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5 and 6 and additional issue Nos. 1 and 2 in the negative. As far as issue No.4 is concerned the trial court recorded a finding that the defendants have acknowledged all the debts and the suit claim of the plaintiff under three loans was within time. However, during the course of the argument before the trial court, learned counsel for the defendants disputed only about the higher rate of interest charged by the plaintiff-Bank. The learned counsel for the defendants also made a specific statement that defendants give up all other contentions. It was further submitted that the defendants were ready to pay the loan amount due from them with agreed rate of interest compounded with quarterly rate but they were not ready to pay the higher rate of interest as claimed by the plaintiff under the pretext that the RBI has enhanced the rate of interest. The learned trial Judge in view of the submissions, as can be seen from the judgment, has recorded that the only point that came up for decision was as regards the charging of higher rate of interest by the plaintiff. The trial court decreed the suit of the plaintiff for recovery of Rs. 9,82,963.47 against the defendants with current rate of interest at the rate of 11% per annum from the date of the suit on the balance amount due from the defendants. The trial court refused to grant interest at the enhanced rate claimed by the plaintiff in terms of the agreement keeping in view the Reserve Bank circulars. The plaintiff-Bank to the extent of refusal of interest at the rate claimed Tiled regular first appeal before the High Court. The High Court did not find any good ground to differ with the finding recorded by the trial court as regards rate of interest. In that view, the first appeal was also dismissed by the High Court. Hence, the plaintiff-Bank has brought this appeal to this Court.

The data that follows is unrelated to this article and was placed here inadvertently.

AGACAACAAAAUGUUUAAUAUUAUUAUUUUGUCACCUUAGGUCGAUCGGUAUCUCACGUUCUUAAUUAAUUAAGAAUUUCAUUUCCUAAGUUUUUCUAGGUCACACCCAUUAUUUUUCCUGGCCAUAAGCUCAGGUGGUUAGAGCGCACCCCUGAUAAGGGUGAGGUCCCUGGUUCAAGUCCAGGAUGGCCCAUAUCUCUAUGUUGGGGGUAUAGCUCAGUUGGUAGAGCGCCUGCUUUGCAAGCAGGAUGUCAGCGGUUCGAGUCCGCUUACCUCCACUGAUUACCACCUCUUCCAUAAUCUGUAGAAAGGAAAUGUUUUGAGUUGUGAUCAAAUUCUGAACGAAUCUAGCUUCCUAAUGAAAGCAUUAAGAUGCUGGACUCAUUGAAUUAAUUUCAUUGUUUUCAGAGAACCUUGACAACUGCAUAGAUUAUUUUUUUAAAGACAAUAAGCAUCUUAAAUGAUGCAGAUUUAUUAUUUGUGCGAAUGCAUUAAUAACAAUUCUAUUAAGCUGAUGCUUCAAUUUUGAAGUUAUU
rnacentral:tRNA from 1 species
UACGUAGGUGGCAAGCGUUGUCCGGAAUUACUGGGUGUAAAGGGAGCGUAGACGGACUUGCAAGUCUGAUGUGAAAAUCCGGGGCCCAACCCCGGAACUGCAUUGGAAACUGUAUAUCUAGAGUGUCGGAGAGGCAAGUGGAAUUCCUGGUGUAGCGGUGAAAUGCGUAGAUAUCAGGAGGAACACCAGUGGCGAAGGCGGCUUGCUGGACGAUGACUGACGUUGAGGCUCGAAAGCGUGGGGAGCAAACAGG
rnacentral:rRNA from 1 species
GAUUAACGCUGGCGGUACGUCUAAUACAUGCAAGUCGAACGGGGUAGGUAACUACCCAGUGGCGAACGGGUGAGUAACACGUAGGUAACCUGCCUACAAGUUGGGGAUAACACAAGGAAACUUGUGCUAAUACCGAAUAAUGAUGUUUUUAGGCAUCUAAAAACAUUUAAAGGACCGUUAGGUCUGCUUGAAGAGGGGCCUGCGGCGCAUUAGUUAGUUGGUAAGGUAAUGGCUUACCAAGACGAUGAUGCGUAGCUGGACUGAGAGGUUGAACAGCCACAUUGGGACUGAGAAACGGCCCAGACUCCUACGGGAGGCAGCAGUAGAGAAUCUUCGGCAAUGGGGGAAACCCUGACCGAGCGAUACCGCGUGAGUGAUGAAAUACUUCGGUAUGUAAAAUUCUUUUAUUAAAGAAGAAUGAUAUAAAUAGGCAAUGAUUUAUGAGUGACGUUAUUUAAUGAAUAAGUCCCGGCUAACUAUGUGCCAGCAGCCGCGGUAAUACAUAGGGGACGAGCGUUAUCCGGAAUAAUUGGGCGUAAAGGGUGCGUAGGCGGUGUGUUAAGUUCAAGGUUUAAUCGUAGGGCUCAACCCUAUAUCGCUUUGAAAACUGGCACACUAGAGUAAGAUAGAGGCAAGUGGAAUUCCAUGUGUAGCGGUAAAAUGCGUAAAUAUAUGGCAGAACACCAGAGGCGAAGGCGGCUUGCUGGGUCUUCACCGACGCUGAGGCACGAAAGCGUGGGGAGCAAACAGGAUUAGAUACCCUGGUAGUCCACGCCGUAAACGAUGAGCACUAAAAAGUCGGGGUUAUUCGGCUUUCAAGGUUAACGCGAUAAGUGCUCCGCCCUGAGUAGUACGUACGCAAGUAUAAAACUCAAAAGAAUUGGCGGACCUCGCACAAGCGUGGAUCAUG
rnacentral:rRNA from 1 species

The learned counsel for the appellant contended that having regard to the agreement entered into between the plaintiff and the defendants as regards the rate of interest, the trial court as well as the High Court committed an error in not accepting the claim of the appellant to award the interest; the High Court was also not justified in holding that the appellant was not entitled to charge higher rate of interest without giving notice and charging such interest was in violation of principles of natural justice inasmuch as rate of interest was enhanced without giving an opportunity to the defendants. According to the learned counsel, the High Court committed an error in refusing the claim of the plaintiff on the ground that it failed to follow the circulars issued by the head office; the circulars issued were only for the guidance of the officers of the Bank, which could not vary terms of the contract. Learned counsel added that the claim of the Bank was substantiated by the accounts maintained by the Bank and the extracts were produced before the trial court. Further in 1978, the defendants acknowledged their liability of the amount and the amount calculated was on the basis of the enhanced rate of interest on the basis of the agreed terms between the parties. According to him, it was not open to the defendants, having acknowledged the liability, to contend that the rate of interest charged was on higher side. It was also the submission of the learned counsel for the appellant that once the plaintiff placed the evidence before the Court to establish that it was entitled to charge higher rate of interest it was for the defendants to rebut the same. The defendants in this regard failed to do so. The courts were not justified in refusing to award the interest as claimed by the appellant.